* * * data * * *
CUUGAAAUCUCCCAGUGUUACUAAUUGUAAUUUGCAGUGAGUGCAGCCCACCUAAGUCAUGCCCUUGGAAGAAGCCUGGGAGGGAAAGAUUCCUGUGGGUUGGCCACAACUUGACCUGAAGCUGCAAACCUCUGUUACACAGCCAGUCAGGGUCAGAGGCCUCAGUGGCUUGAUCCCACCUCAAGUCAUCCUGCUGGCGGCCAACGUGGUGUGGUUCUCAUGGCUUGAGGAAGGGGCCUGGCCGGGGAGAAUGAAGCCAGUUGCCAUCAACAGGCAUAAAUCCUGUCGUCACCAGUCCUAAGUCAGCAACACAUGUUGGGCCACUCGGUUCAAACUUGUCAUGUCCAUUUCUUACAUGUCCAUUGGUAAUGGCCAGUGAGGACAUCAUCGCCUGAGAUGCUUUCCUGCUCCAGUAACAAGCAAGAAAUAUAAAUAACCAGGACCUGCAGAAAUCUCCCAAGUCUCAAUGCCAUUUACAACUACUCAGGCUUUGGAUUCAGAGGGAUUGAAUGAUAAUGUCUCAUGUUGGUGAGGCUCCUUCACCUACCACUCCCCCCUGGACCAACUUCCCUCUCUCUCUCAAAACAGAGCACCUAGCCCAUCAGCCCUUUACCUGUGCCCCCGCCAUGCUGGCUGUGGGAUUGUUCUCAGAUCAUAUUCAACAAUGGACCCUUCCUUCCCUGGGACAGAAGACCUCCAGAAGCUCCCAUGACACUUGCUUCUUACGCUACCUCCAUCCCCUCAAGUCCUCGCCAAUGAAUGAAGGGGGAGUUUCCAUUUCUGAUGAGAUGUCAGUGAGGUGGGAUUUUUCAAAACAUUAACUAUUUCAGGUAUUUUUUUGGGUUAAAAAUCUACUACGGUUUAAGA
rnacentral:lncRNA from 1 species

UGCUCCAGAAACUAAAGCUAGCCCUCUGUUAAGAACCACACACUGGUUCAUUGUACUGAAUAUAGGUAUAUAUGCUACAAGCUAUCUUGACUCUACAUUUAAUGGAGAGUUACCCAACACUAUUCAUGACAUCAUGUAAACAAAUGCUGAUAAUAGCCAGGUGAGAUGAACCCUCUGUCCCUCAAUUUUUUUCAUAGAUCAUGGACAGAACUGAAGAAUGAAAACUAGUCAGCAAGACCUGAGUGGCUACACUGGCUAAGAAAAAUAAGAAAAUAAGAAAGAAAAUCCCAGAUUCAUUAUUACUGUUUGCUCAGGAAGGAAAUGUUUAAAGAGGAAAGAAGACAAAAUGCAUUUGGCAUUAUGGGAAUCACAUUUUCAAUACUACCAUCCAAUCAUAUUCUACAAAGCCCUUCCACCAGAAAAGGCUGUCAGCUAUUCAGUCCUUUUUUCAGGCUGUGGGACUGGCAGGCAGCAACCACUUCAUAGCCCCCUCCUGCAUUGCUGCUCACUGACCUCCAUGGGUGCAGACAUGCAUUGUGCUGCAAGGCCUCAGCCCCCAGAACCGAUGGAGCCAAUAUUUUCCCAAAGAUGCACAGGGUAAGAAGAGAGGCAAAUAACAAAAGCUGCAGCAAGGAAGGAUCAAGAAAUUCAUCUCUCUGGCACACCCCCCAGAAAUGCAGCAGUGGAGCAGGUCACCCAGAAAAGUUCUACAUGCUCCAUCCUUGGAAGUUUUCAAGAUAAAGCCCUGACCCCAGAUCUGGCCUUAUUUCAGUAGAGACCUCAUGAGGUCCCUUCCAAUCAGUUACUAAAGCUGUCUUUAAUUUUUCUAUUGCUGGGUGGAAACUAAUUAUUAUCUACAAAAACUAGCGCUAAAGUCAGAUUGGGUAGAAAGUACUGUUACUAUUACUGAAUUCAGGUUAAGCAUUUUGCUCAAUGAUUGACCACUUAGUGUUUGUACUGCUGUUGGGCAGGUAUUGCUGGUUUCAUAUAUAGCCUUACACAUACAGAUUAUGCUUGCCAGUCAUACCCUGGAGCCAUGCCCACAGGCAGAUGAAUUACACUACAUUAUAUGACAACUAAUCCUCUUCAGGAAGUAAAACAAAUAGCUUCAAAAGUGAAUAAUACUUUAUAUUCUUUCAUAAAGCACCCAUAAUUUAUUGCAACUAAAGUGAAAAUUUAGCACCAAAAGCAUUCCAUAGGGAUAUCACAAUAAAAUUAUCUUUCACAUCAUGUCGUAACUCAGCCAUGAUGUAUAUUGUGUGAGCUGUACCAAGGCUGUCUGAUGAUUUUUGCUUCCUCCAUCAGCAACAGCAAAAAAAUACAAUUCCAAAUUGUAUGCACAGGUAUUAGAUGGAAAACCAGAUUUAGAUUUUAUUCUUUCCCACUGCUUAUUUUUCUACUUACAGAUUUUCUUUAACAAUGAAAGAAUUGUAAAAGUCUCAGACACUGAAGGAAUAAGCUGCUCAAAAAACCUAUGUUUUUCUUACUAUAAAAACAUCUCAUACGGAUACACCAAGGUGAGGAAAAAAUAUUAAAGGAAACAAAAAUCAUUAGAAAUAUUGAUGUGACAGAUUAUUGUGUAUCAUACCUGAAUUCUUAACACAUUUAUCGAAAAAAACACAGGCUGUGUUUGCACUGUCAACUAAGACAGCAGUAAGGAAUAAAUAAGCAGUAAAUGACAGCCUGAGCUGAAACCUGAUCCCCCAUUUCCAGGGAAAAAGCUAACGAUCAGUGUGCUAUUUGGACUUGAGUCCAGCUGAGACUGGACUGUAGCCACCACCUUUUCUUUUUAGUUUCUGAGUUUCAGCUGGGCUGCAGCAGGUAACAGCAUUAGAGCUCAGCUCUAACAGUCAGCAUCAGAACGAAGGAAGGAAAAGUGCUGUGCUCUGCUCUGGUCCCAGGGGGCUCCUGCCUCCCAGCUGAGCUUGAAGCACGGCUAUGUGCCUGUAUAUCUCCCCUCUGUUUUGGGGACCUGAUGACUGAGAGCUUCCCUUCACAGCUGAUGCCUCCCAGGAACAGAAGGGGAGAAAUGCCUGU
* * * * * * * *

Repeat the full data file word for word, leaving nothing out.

CUUGAAAUCUCCCAGUGUUACUAAUUGUAAUUUGCAGUGAGUGCAGCCCACCUAAGUCAUGCCCUUGGAAGAAGCCUGGGAGGGAAAGAUUCCUGUGGGUUGGCCACAACUUGACCUGAAGCUGCAAACCUCUGUUACACAGCCAGUCAGGGUCAGAGGCCUCAGUGGCUUGAUCCCACCUCAAGUCAUCCUGCUGGCGGCCAACGUGGUGUGGUUCUCAUGGCUUGAGGAAGGGGCCUGGCCGGGGAGAAUGAAGCCAGUUGCCAUCAACAGGCAUAAAUCCUGUCGUCACCAGUCCUAAGUCAGCAACACAUGUUGGGCCACUCGGUUCAAACUUGUCAUGUCCAUUUCUUACAUGUCCAUUGGUAAUGGCCAGUGAGGACAUCAUCGCCUGAGAUGCUUUCCUGCUCCAGUAACAAGCAAGAAAUAUAAAUAACCAGGACCUGCAGAAAUCUCCCAAGUCUCAAUGCCAUUUACAACUACUCAGGCUUUGGAUUCAGAGGGAUUGAAUGAUAAUGUCUCAUGUUGGUGAGGCUCCUUCACCUACCACUCCCCCCUGGACCAACUUCCCUCUCUCUCUCAAAACAGAGCACCUAGCCCAUCAGCCCUUUACCUGUGCCCCCGCCAUGCUGGCUGUGGGAUUGUUCUCAGAUCAUAUUCAACAAUGGACCCUUCCUUCCCUGGGACAGAAGACCUCCAGAAGCUCCCAUGACACUUGCUUCUUACGCUACCUCCAUCCCCUCAAGUCCUCGCCAAUGAAUGAAGGGGGAGUUUCCAUUUCUGAUGAGAUGUCAGUGAGGUGGGAUUUUUCAAAACAUUAACUAUUUCAGGUAUUUUUUUGGGUUAAAAAUCUACUACGGUUUAAGA
rnacentral:lncRNA from 1 species

UGCUCCAGAAACUAAAGCUAGCCCUCUGUUAAGAACCACACACUGGUUCAUUGUACUGAAUAUAGGUAUAUAUGCUACAAGCUAUCUUGACUCUACAUUUAAUGGAGAGUUACCCAACACUAUUCAUGACAUCAUGUAAACAAAUGCUGAUAAUAGCCAGGUGAGAUGAACCCUCUGUCCCUCAAUUUUUUUCAUAGAUCAUGGACAGAACUGAAGAAUGAAAACUAGUCAGCAAGACCUGAGUGGCUACACUGGCUAAGAAAAAUAAGAAAAUAAGAAAGAAAAUCCCAGAUUCAUUAUUACUGUUUGCUCAGGAAGGAAAUGUUUAAAGAGGAAAGAAGACAAAAUGCAUUUGGCAUUAUGGGAAUCACAUUUUCAAUACUACCAUCCAAUCAUAUUCUACAAAGCCCUUCCACCAGAAAAGGCUGUCAGCUAUUCAGUCCUUUUUUCAGGCUGUGGGACUGGCAGGCAGCAACCACUUCAUAGCCCCCUCCUGCAUUGCUGCUCACUGACCUCCAUGGGUGCAGACAUGCAUUGUGCUGCAAGGCCUCAGCCCCCAGAACCGAUGGAGCCAAUAUUUUCCCAAAGAUGCACAGGGUAAGAAGAGAGGCAAAUAACAAAAGCUGCAGCAAGGAAGGAUCAAGAAAUUCAUCUCUCUGGCACACCCCCCAGAAAUGCAGCAGUGGAGCAGGUCACCCAGAAAAGUUCUACAUGCUCCAUCCUUGGAAGUUUUCAAGAUAAAGCCCUGACCCCAGAUCUGGCCUUAUUUCAGUAGAGACCUCAUGAGGUCCCUUCCAAUCAGUUACUAAAGCUGUCUUUAAUUUUUCUAUUGCUGGGUGGAAACUAAUUAUUAUCUACAAAAACUAGCGCUAAAGUCAGAUUGGGUAGAAAGUACUGUUACUAUUACUGAAUUCAGGUUAAGCAUUUUGCUCAAUGAUUGACCACUUAGUGUUUGUACUGCUGUUGGGCAGGUAUUGCUGGUUUCAUAUAUAGCCUUACACAUACAGAUUAUGCUUGCCAGUCAUACCCUGGAGCCAUGCCCACAGGCAGAUGAAUUACACUACAUUAUAUGACAACUAAUCCUCUUCAGGAAGUAAAACAAAUAGCUUCAAAAGUGAAUAAUACUUUAUAUUCUUUCAUAAAGCACCCAUAAUUUAUUGCAACUAAAGUGAAAAUUUAGCACCAAAAGCAUUCCAUAGGGAUAUCACAAUAAAAUUAUCUUUCACAUCAUGUCGUAACUCAGCCAUGAUGUAUAUUGUGUGAGCUGUACCAAGGCUGUCUGAUGAUUUUUGCUUCCUCCAUCAGCAACAGCAAAAAAAUACAAUUCCAAAUUGUAUGCACAGGUAUUAGAUGGAAAACCAGAUUUAGAUUUUAUUCUUUCCCACUGCUUAUUUUUCUACUUACAGAUUUUCUUUAACAAUGAAAGAAUUGUAAAAGUCUCAGACACUGAAGGAAUAAGCUGCUCAAAAAACCUAUGUUUUUCUUACUAUAAAAACAUCUCAUACGGAUACACCAAGGUGAGGAAAAAAUAUUAAAGGAAACAAAAAUCAUUAGAAAUAUUGAUGUGACAGAUUAUUGUGUAUCAUACCUGAAUUCUUAACACAUUUAUCGAAAAAAACACAGGCUGUGUUUGCACUGUCAACUAAGACAGCAGUAAGGAAUAAAUAAGCAGUAAAUGACAGCCUGAGCUGAAACCUGAUCCCCCAUUUCCAGGGAAAAAGCUAACGAUCAGUGUGCUAUUUGGACUUGAGUCCAGCUGAGACUGGACUGUAGCCACCACCUUUUCUUUUUAGUUUCUGAGUUUCAGCUGGGCUGCAGCAGGUAACAGCAUUAGAGCUCAGCUCUAACAGUCAGCAUCAGAACGAAGGAAGGAAAAGUGCUGUGCUCUGCUCUGGUCCCAGGGGGCUCCUGCCUCCCAGCUGAGCUUGAAGCACGGCUAUGUGCCUGUAUAUCUCCCCUCUGUUUUGGGGACCUGAUGACUGAGAGCUUCCCUUCACAGCUGAUGCCUCCCAGGAACAGAAGGGGAGAAAUGCCUGU